The Uddby mill burned down in 1895, a hydroelectric power plant was built in its place, which still stands today and is the only such plant in the Stockholm area. During the early 20th century, the large land area of the Tyresö estate began to be divided into lots, summer cottages began to be built; some quite luxurious ones were built in the Brevik area. The rate of construction increased in the early decades of the century. From the 1950s onwards, the summer cottages began to be converted into year-round dwellings at a rapid pace. From the 1950s onwards, Bollmora experienced a huge expansion rate after the legislation Lex Bollmora in 1959 which allowed municipal real estate companies to operate in other municipalities than their own. A municipal centre formed in Bollmora, Bollmora Centrum, inaugurated in 1965; the Million Programme put its distinctive print on Tyresö as well Bollmora: many of the apartment building areas come from that programme. During the expansive phase from the 1950s onwards, the population of Tyresö has grown from about 5,000 to just over 44,000 at present.
The Bollmora Centrum was rebuilt in the early 1990s to be an enclosed shopping centre, renamed Tyresö Centrum. In August 1999 a large wildfire destroyed about 10% of the Tyresta National Park. There are no administrative subdivisions of Tyresö Municipality, but there are some other formal and less formal subdivisions. There are three main districts in Tyresö; this is a kind of everyday reference subdivision to refer to the different main parts of the municipality. Bollmora in the northwest — consisting of apartment buildings of about 2-8 stories high, terraced houses and detached houses and some industrial areas; the municipal centre, Tyresö centre, is located here. Trollbäcken in west — consisting of detached houses. Gamla Tyresö in the south; the eastern area consists of detached, semi–detached, terraced houses, summer cottages, a large part of which are being converted to year-round use. The Tyresö Palace and Tyresö Church from the 17th century are located here. In the south there is a large forest, containing about half of the Tyresta National Park on the Tyresö side.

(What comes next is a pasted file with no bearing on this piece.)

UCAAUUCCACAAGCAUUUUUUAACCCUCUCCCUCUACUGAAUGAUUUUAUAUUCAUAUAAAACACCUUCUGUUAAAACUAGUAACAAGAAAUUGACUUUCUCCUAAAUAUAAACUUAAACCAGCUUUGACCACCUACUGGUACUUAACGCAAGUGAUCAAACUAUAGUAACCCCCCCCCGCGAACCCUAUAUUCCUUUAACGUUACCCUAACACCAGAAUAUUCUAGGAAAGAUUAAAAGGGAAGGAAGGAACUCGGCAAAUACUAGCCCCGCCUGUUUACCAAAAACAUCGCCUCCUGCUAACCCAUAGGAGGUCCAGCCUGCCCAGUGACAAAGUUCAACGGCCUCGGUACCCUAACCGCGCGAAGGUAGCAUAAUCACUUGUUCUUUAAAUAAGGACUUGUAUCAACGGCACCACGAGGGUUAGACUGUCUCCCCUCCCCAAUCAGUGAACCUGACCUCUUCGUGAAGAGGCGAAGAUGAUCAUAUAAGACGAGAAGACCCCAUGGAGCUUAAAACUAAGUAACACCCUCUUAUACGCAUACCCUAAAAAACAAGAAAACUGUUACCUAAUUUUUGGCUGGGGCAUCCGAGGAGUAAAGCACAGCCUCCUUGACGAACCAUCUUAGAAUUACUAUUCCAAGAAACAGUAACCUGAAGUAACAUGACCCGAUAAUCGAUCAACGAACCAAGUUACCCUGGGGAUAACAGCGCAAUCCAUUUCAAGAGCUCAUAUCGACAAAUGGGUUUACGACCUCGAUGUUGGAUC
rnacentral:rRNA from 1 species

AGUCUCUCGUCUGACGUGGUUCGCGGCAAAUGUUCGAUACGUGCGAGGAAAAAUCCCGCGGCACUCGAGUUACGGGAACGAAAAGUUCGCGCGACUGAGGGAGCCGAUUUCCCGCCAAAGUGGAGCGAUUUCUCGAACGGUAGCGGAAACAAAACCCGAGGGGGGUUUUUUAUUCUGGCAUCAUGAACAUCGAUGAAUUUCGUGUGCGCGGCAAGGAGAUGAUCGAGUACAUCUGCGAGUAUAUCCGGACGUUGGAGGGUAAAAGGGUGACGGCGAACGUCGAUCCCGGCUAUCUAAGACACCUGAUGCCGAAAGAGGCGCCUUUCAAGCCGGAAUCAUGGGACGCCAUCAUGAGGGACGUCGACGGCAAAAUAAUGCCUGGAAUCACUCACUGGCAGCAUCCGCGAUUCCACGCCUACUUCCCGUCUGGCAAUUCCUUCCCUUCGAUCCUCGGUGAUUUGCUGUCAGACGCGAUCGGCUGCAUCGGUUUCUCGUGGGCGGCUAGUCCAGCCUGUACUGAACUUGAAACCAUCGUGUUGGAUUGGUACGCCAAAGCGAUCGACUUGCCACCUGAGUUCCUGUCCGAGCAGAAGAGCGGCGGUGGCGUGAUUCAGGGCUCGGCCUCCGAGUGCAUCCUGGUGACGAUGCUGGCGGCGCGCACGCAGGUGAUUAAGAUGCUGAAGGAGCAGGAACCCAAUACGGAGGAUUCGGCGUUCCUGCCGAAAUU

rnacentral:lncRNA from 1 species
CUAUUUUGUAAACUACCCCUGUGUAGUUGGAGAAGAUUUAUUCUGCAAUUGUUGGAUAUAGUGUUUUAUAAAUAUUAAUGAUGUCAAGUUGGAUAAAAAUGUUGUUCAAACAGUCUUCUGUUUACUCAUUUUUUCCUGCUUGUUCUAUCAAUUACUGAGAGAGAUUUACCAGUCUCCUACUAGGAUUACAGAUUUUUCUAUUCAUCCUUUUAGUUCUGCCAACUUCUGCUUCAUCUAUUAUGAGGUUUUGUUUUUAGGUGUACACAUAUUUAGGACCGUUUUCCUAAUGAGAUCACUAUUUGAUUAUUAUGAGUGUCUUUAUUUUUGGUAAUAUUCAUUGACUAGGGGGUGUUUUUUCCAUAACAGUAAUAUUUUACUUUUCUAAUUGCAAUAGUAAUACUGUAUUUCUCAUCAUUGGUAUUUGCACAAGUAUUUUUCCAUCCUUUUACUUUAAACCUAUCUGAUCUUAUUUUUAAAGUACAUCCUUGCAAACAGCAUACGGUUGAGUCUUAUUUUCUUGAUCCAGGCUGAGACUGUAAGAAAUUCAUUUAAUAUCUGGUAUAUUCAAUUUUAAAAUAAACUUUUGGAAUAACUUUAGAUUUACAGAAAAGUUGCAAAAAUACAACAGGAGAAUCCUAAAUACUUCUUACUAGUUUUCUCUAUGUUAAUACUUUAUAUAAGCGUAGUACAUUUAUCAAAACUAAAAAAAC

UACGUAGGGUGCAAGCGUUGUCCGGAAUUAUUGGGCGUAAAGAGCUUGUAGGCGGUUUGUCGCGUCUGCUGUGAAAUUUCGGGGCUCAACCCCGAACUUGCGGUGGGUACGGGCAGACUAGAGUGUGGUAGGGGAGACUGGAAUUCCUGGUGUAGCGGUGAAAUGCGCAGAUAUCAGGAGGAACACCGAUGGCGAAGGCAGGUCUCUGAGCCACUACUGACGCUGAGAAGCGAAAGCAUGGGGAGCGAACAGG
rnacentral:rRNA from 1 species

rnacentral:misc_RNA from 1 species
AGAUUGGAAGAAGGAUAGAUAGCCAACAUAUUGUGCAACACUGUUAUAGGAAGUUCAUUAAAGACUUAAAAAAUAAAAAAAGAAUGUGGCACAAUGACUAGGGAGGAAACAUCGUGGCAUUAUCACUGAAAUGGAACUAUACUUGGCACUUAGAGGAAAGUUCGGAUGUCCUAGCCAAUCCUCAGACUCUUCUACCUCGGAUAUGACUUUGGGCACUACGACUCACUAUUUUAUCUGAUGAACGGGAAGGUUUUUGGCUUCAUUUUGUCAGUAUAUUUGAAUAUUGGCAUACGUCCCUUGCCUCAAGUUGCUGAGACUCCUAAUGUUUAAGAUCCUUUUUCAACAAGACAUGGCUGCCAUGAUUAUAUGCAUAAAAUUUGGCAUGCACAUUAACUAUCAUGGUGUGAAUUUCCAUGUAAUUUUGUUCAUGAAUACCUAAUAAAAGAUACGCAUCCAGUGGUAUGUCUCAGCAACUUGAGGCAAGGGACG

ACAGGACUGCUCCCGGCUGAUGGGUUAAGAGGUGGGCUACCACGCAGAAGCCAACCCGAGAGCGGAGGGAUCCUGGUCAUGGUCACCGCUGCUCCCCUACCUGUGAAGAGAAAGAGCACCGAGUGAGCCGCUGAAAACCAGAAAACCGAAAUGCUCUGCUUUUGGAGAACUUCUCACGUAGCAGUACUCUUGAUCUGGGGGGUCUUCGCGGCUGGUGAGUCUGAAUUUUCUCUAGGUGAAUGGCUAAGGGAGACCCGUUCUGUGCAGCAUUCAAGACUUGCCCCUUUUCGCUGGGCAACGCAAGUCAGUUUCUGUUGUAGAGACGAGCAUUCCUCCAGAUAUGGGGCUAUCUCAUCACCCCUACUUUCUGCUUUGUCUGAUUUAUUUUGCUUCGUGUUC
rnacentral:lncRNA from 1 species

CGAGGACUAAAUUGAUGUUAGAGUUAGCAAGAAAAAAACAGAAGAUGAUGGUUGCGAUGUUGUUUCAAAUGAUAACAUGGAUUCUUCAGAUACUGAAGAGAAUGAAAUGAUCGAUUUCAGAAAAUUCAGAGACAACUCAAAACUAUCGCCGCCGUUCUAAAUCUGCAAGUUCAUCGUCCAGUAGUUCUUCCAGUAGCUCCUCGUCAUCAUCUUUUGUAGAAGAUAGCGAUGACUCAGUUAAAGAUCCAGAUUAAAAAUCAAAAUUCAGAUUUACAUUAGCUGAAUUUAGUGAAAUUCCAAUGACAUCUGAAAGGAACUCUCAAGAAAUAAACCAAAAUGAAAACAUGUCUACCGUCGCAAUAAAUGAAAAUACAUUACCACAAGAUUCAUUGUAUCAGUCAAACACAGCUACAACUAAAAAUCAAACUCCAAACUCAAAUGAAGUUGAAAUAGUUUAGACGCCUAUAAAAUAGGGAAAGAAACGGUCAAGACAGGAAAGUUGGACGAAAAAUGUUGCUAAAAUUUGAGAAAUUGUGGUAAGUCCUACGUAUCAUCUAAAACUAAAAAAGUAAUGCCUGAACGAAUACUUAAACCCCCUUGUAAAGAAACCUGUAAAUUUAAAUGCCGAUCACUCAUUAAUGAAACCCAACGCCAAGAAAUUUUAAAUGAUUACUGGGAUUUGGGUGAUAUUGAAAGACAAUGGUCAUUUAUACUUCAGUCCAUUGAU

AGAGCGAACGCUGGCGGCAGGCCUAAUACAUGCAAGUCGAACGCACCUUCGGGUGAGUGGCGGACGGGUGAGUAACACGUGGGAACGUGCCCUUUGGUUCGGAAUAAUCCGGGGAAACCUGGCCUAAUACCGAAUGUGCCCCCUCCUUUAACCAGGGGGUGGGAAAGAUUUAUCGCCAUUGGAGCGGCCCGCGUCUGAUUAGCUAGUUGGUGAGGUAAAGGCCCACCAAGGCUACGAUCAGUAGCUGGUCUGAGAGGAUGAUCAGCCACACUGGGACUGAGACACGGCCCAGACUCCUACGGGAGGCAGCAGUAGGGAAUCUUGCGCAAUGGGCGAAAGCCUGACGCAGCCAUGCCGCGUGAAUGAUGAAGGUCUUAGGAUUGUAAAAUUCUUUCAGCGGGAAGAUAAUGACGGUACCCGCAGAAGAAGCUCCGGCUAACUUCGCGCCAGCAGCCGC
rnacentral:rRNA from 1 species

Population of urban areas within municipal borders, as of 2000: Brevik peninsula: 1,556 Raksta: 537 Stockholm: 36,483 Number or inhabitants per residential area as of 2006: Bollmora: 14 861 Trollbäcken: 11 916 Krusboda: 3 773 Tyresö Strand: 3 517 Öringe: 2 536 Brevikshalvön: 2 101 Lindalen: 1 828 South/East Tyresö: 860 "Unspecified": 84 Total: 41,476 The vast bulk of Tyresö lies on the Södertörn peninsula, with some islands in the Baltic sea, of which Ägnö and Härsö are the largest ones. There are many lakes in Tyresö. In the south there is a large old forest of which a part is in the Tyresta national park, other large parts are in other nature reserves; the terrain is typical for low hills and valleys formed by the last ice age. The highest point is at 84 metres above sea level. Tyresö has a land border with Stockholm in the northwest, with Nacka in the north, with Haninge in the south, a lake border with Huddinge in the west, a sea border with Värmdö in the east and northeast. On the 31st of December 2017 the number of people with a foreign background was 10 283, or 21.74% of the population.